Creating a Truly Sustainable Future
Creating a Truly Sustainable Future
We are creating a new program to push forward true sustainability via executive education, textbooks and radio and podcast programming.
We are creating a new program to push forward true sustainability via executive education, textbooks and radio and podcast programming. Read more
About this project
Big Picture, Long Term
Bringing public, private, non-profit, and academic leaders together to learn from each other and find truly sustainable solutions for our businesses, communities, and the world.
It's a bold vision, but we have the expertise, the education and the experience to implement this project.
Dan Pike has managed a half-billion dollar project for the state department of transportation through a severe funding crisis, keeping the project moving forward even as replacement funding was identified and secured. He served as Mayor of Bellingham, a city renowned for its ethic of sustainability, garnering recognition both for his environmental and his fiscal leadership as he successfully managed the city through the recession. He has over thirty years of connecting with technical, political and thought leaders in sustainability and resilience.
Scot Barg has consulted for Fortune 500 corporations, managed Harvard executive education programs on leadership, change and technology in government organizations, and helped to build a methodology for measuring non-financial value that was endorsed by the Federal Chief Information Officers (CIO) Council.
Working together, we bring the complementary skillsets and connections necessary to deliver the project objectives.
Big Picture, Long Term is dedicated to building a better understanding of true sustainability by providing a trusted venue where thought leaders from diverse perspectives can engage with and learn from each other.
To move beyond the usual rancor and partisanship that characterizes much of the dialog on sustainability, we will interview business, government, non-profit, and academic leaders from multiple disciplines. We will compare, contrast and distill those insights into radio, video and print media, and invite you and other leaders to engage with these ideas through our website and our executive education sessions.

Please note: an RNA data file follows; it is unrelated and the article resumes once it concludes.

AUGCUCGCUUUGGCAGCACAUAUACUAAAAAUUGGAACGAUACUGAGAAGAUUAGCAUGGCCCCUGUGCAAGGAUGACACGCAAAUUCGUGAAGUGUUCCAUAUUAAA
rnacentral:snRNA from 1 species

Our research, education and outreach will provide clients, students and the larger community with the information and the tools to make and implement better-informed decisions in everything from their personal lives to the organizations they manage, and to see the interconnectedness between isolated actions and the larger implications of those actions in the community, region, nation and planet.
Big Picture, Long Term is working with the Huxley College of the Environment and the WWU College of Business and Economics to develop executive education programs for senior managers from the public, private and nonprofit sectors to gain insights into how those agencies and organizations can better fulfill their missions through Triple Bottom Line management—that is, by paying equal attention to long term environmental, social and fiscal sustainability.
Risks and challenges
One of the greatest risks is to do nothing in the face of a crisis. We cannot do nothing, when we see the opportunity to put our skills and experiences to work to connect people in leadership with the solutions and practices that will help get our communities, regions and planet to a new, better paradigm.
We have, over the course of a year of vetting the idea, examined potential barriers to program delivery and identified requisite solutions. Several key issues are detailed below; if you have questions about some other aspect, please contact us and we will address your specific inquiry, too.
The primary risks for backers of the project is that it is unsuccessful. Towards that end, we spent nearly a year--since early December 2013--working with the Deans of Huxley College and the College of Business and Economics at Western Washington University (rated the top college of its type by US News and World report and the top public university producer of Fulbright scholars in the nation) to test the business and academic model for the program.
Every test has demonstrated this program will work, and that there is demand for it.
There are also risks of unforeseen delays in textbook development. Towards that end we are partnering with an experienced K-12 producer of textbooks in this area as we develop the graduate level text over the next eighteen months. Discussions with leaders in the academic and corporate worlds have indicated a strong demand for this text.
With regard to podcasts, radio and print syndication several interviews have already been recorded, including the Vice President of Philosophy at Patagonia and the Poet Laureate of Alaska (who writes extensively on the impacts of climate change on her state). There are many people eager to share their knowledge, so lining up interview subjects is not a risk. However, the business model for most media, including public radio and syndicated print materials is in some turmoil today. This makes delivery of the radio and print aspects of the program less likely to deliver a strong financial return to help underwrite the ongoing program. We have planned for this, and are planning to balance the required cash flows from other program components.Learn about accountability on Kickstarter
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